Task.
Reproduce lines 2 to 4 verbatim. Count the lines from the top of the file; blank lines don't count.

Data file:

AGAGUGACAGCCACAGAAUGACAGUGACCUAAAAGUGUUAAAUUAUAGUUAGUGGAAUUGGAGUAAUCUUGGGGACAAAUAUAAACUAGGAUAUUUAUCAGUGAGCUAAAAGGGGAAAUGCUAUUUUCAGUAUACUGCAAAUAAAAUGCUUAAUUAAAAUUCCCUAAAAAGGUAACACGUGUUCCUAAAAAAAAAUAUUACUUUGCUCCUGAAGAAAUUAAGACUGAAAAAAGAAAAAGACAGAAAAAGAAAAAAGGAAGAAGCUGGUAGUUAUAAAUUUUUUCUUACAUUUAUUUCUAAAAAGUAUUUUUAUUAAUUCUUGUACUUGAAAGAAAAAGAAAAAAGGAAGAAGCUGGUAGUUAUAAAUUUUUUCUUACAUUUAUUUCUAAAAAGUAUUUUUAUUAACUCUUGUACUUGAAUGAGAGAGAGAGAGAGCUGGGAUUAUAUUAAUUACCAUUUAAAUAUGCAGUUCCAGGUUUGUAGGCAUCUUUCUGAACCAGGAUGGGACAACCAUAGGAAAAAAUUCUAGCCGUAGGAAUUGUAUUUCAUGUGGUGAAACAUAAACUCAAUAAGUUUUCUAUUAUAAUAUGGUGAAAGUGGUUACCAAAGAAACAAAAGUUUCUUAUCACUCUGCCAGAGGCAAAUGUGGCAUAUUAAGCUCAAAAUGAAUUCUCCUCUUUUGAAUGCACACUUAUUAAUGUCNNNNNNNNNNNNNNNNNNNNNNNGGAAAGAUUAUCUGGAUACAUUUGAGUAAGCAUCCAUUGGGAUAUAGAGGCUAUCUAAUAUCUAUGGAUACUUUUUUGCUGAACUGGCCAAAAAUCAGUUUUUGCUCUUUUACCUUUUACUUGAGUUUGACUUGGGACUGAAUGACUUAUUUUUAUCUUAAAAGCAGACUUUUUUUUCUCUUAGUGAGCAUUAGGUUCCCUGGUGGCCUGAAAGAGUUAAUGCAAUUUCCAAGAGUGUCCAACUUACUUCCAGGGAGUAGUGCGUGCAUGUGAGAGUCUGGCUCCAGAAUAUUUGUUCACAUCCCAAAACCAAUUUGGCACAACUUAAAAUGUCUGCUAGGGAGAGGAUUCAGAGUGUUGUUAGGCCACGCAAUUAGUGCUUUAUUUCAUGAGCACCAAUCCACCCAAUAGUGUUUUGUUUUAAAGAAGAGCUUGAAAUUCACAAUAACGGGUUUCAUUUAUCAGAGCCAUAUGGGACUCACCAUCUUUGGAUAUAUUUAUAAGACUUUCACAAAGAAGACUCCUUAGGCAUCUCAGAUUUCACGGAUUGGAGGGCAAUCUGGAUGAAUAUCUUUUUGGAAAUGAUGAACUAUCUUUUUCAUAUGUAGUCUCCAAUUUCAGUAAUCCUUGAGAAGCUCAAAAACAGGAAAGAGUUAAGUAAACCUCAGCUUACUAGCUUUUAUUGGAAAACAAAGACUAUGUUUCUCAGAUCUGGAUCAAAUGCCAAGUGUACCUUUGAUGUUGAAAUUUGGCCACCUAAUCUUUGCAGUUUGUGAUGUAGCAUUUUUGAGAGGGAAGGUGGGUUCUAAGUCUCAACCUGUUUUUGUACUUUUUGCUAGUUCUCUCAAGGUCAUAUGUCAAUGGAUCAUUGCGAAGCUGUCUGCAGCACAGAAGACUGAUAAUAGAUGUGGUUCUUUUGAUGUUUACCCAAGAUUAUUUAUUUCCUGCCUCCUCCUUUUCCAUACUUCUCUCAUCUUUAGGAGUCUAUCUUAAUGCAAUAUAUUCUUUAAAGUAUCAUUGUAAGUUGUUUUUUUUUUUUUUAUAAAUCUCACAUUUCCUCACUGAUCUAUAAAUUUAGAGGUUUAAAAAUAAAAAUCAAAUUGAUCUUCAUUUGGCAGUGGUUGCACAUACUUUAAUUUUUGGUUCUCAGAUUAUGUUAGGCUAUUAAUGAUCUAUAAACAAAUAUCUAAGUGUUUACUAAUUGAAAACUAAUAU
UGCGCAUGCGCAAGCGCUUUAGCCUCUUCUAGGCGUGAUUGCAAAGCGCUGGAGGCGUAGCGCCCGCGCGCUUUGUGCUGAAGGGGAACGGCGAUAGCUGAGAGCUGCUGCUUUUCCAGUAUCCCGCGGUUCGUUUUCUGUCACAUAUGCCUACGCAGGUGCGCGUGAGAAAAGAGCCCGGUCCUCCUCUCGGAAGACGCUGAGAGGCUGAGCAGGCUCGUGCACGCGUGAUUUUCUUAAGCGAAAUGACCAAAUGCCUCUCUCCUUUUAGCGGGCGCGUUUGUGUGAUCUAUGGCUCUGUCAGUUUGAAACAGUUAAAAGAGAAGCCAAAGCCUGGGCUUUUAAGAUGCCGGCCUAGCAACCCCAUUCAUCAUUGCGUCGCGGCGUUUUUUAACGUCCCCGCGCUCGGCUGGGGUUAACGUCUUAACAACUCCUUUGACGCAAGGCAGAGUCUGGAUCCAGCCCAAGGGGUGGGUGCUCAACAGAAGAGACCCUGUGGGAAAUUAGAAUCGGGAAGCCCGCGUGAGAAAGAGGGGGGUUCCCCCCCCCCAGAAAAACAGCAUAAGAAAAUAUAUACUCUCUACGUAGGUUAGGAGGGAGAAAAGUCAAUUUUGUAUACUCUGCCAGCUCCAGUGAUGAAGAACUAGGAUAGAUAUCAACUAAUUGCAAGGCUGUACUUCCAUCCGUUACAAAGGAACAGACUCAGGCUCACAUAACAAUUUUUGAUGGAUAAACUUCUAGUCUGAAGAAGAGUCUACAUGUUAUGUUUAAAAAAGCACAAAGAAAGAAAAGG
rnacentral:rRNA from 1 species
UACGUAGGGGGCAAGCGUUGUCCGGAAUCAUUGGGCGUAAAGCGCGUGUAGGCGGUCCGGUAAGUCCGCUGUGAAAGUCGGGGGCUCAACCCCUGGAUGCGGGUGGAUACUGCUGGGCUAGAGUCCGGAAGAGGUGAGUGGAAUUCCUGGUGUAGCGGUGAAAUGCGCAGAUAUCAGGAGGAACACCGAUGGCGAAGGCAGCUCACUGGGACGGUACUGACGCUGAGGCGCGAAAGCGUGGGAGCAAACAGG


UGCGCAUGCGCAAGCGCUUUAGCCUCUUCUAGGCGUGAUUGCAAAGCGCUGGAGGCGUAGCGCCCGCGCGCUUUGUGCUGAAGGGGAACGGCGAUAGCUGAGAGCUGCUGCUUUUCCAGUAUCCCGCGGUUCGUUUUCUGUCACAUAUGCCUACGCAGGUGCGCGUGAGAAAAGAGCCCGGUCCUCCUCUCGGAAGACGCUGAGAGGCUGAGCAGGCUCGUGCACGCGUGAUUUUCUUAAGCGAAAUGACCAAAUGCCUCUCUCCUUUUAGCGGGCGCGUUUGUGUGAUCUAUGGCUCUGUCAGUUUGAAACAGUUAAAAGAGAAGCCAAAGCCUGGGCUUUUAAGAUGCCGGCCUAGCAACCCCAUUCAUCAUUGCGUCGCGGCGUUUUUUAACGUCCCCGCGCUCGGCUGGGGUUAACGUCUUAACAACUCCUUUGACGCAAGGCAGAGUCUGGAUCCAGCCCAAGGGGUGGGUGCUCAACAGAAGAGACCCUGUGGGAAAUUAGAAUCGGGAAGCCCGCGUGAGAAAGAGGGGGGUUCCCCCCCCCCAGAAAAACAGCAUAAGAAAAUAUAUACUCUCUACGUAGGUUAGGAGGGAGAAAAGUCAAUUUUGUAUACUCUGCCAGCUCCAGUGAUGAAGAACUAGGAUAGAUAUCAACUAAUUGCAAGGCUGUACUUCCAUCCGUUACAAAGGAACAGACUCAGGCUCACAUAACAAUUUUUGAUGGAUAAACUUCUAGUCUGAAGAAGAGUCUACAUGUUAUGUUUAAAAAAGCACAAAGAAAGAAAAGG
rnacentral:rRNA from 1 species
UACGUAGGGGGCAAGCGUUGUCCGGAAUCAUUGGGCGUAAAGCGCGUGUAGGCGGUCCGGUAAGUCCGCUGUGAAAGUCGGGGGCUCAACCCCUGGAUGCGGGUGGAUACUGCUGGGCUAGAGUCCGGAAGAGGUGAGUGGAAUUCCUGGUGUAGCGGUGAAAUGCGCAGAUAUCAGGAGGAACACCGAUGGCGAAGGCAGCUCACUGGGACGGUACUGACGCUGAGGCGCGAAAGCGUGGGAGCAAACAGG